If the area adjacent to the rear-view mirror housing looks a little busy, it is because the twin-camera (stereo) forward visualisation hardware that engages with the distance cruise and autonomous braking facilities wraps around it. While forward ‘vision’ detectors are not so unusual these days, the Subaru system, known as Subaru Eyesight Assist, monitors for hazards up to 110 metres ahead and includes: Adaptive Cruise Control, Pre-Collision Braking, Pre-Collision Throttle Management, Lane Sway and Departure Warning, Lane Keep Assist and Lead Vehicle Start Alert. As a primary safety aid, it deserves the industry accolades that have already been heaped upon it. However, rear-end protection is also provided via blind spot monitoring, lane change assist and rear cross-traffic alert, in a most comprehensive driver, occupant and vehicle safety package.
Despite the addenda, the XV remains a satisfyingly occupant-orientated motorcar. There is enough space fore and aft, as well as in the accommodating boot, for most business, or family needs. The driver’s seat adjusts through a big range, supported by the rake and reach adjustable steering wheel. Once comfortably ensconced, indulging in the XV’s inherently sound handling and roadholding envelope reveals how compromised its rivals can be.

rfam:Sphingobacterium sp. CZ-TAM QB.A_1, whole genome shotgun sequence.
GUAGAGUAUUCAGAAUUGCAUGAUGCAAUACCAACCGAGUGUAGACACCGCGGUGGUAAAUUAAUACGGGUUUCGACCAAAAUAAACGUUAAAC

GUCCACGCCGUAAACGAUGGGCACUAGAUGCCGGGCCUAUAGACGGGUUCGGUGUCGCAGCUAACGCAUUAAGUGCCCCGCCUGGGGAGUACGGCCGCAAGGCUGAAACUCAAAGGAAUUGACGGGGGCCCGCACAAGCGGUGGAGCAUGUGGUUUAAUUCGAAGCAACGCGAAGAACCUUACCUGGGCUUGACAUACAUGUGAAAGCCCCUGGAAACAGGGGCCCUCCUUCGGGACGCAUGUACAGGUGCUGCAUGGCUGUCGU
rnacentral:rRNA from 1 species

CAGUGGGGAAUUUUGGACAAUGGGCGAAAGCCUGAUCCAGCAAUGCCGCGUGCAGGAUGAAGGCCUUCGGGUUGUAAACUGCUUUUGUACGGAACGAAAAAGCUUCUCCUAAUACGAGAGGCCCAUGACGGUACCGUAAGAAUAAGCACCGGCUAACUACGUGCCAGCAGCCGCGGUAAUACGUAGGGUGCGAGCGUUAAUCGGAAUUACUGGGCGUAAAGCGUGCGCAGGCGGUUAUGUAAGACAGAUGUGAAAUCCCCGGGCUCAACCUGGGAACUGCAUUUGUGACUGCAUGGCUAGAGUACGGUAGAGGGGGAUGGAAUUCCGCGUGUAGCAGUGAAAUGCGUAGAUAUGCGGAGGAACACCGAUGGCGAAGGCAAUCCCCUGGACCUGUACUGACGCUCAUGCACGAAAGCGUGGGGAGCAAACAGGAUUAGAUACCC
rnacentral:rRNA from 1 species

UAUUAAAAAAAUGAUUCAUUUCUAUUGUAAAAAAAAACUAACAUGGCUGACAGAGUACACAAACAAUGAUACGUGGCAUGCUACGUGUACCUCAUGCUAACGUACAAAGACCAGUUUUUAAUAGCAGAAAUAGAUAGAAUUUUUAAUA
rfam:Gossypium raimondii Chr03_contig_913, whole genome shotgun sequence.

Ideally weighted power assistance for the steering, is matched by glitch-free responsiveness. There is no torque steer in evidence and the return to straight-ahead is measured appropriately. Both throttle and brake pedals are well-weighted and the XV stops rapidly and without tugging at the helm. Its ride quality is equally well resolved, combining firm but compliant damping with linear springing and a useful ride height of around 220mm.
Subaru’s trusted, four horizontally-opposed cylinders, Boxer engine displaces 2.0-litres, develops a modest 147bhp, 143lbs ft of torque, emits CO2 at an immodest rate of 149g/km and sips petrol at up to 43.0mpg. It has a top speed of 120mph and can clock the 0-60mph dash in around 10.4s. However, it can run on its lithium-ion battery power alone, over a limited distance (around a mile), at speeds below 25mph. Its eco-credentials are supported using start:stop technology and an electric motor positioned at the car’s centre of gravity to maintain the ideal chassis balance. The XV’s towing capacity is an excellent 1,270kgs.
As suggested at the start of this feature, Subaru is a brand that should have a higher level of recognition in this country than it does. It is a ‘cognoscenti car’…you have to know it to buy into its benefits, which is why examples proliferate in Wales, Scotland and the English Lakes District. Highly regarded for reliability, with the added hybrid aspect, perhaps the broader appeal may result soon.
Conclusion: Subaru ownership/operation should not be an acquired taste; the brand deserves better. The XV e-Boxer is not a high-performance machine but it is an unremitting high-performer.